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Global economy threatened by high oil prices


The latest monthly report from the International Energy Agency (IEA) warned that the global economy could suffer a slowdown unless oil prices fall from their current high levels.

The price of Brent crude has risen by around 50 per cent in the last six months, first on very strong demand as global economies picked up post-recession and, this year, "on increased regional geopolitical risk in North Africa and the Middle East, embodied by Libya’s supply outage," the IEA said.

The effect of this increased oil price will be exacerbated by the expected global fiscal tightening later in the year due to growing inflationary pressures.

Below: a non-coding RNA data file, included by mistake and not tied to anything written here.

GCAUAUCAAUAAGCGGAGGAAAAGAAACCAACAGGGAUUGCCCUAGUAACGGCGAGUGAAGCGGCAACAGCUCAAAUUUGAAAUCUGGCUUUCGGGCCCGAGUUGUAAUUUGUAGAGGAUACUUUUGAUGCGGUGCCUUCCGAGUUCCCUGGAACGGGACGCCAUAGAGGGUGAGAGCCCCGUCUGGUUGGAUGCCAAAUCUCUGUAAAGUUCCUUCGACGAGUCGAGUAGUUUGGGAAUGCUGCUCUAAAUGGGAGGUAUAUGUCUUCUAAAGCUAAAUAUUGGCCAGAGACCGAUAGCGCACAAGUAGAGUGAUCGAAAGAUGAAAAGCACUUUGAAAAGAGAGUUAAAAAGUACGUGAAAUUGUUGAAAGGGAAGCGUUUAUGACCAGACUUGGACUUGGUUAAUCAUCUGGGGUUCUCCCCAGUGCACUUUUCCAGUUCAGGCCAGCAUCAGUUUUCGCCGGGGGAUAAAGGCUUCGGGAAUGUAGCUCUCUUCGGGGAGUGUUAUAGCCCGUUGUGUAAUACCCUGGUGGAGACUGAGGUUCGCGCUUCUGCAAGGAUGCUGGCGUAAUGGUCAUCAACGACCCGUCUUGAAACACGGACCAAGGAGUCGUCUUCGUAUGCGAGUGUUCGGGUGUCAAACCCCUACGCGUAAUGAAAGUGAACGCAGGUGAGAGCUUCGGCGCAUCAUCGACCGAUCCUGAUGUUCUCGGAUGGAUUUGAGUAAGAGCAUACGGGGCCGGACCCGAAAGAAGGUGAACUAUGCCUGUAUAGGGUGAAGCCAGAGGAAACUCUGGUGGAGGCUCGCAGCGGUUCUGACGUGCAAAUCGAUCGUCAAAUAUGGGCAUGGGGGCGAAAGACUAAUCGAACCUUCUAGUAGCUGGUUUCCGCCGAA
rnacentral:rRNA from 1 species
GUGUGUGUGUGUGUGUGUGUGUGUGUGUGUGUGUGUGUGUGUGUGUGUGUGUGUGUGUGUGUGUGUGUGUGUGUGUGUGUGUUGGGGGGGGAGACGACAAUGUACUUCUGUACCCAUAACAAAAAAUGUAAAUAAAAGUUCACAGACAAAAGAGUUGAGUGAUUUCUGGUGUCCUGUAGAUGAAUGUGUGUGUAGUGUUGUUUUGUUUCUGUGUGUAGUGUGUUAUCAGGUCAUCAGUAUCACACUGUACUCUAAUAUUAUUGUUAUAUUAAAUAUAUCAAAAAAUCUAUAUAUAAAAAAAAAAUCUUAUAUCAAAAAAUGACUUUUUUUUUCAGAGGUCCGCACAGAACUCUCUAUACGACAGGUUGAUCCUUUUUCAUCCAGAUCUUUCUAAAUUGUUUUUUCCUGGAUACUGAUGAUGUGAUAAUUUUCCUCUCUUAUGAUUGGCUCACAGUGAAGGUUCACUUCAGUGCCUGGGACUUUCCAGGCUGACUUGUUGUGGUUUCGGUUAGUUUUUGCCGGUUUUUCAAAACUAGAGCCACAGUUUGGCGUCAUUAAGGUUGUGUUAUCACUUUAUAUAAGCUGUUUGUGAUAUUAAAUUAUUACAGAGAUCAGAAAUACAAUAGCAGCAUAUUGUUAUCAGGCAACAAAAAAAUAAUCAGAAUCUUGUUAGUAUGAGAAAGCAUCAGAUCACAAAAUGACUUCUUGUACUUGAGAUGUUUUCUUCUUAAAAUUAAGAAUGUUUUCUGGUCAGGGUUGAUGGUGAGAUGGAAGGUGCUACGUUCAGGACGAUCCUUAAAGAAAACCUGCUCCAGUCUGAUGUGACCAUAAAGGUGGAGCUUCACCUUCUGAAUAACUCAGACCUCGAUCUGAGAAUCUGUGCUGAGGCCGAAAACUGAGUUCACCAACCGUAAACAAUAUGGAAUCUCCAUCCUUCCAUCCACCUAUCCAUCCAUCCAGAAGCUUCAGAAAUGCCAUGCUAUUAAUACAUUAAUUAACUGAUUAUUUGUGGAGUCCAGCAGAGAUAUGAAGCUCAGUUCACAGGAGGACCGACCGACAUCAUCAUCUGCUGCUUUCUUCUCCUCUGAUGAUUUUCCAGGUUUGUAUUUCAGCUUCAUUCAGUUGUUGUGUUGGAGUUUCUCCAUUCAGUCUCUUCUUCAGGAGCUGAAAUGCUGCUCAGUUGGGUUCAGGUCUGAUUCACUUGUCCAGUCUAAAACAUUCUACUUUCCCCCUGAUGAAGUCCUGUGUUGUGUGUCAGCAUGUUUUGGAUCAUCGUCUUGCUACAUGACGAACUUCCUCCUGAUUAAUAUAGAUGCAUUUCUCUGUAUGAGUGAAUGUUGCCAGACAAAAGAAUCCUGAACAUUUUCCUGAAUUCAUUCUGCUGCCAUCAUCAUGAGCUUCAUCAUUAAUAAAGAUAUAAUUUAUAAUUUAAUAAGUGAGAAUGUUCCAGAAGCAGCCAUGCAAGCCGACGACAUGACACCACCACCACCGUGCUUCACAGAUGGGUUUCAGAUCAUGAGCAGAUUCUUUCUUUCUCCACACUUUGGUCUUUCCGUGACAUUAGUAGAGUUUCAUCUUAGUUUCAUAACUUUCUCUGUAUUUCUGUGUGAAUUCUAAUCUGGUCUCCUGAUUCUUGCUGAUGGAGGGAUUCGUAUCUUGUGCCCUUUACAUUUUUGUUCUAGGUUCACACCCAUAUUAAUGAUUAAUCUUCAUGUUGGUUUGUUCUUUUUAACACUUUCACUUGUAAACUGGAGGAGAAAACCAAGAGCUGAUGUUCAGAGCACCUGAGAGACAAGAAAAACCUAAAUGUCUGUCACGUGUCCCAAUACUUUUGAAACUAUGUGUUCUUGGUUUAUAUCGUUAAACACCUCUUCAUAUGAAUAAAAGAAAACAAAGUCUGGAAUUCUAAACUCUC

"If prices remain at current levels or rise further, by September 2011, if not before, the global economy may feature a marked slowdown," the IEA report said.

Although it is always difficult to estimate exactly what the impact of higher oil prices will be, the IEA highlighted that a 10 per cent increase in the price of oil could cut global growth by between 0.2 and 0.7 percentage points after one year, and possibly by twice as much in the second year.

Commenting on the unrest in Libya, the IEA said that oil production, and certainly exports, had practically ground to a halt in the OPEC member country.

"What is becoming clearer is that the country's oil exports of some 1.3 million barrels per day will remain off the market for a considerable time due to both war inflicted damage and international sanctions," the IEA said.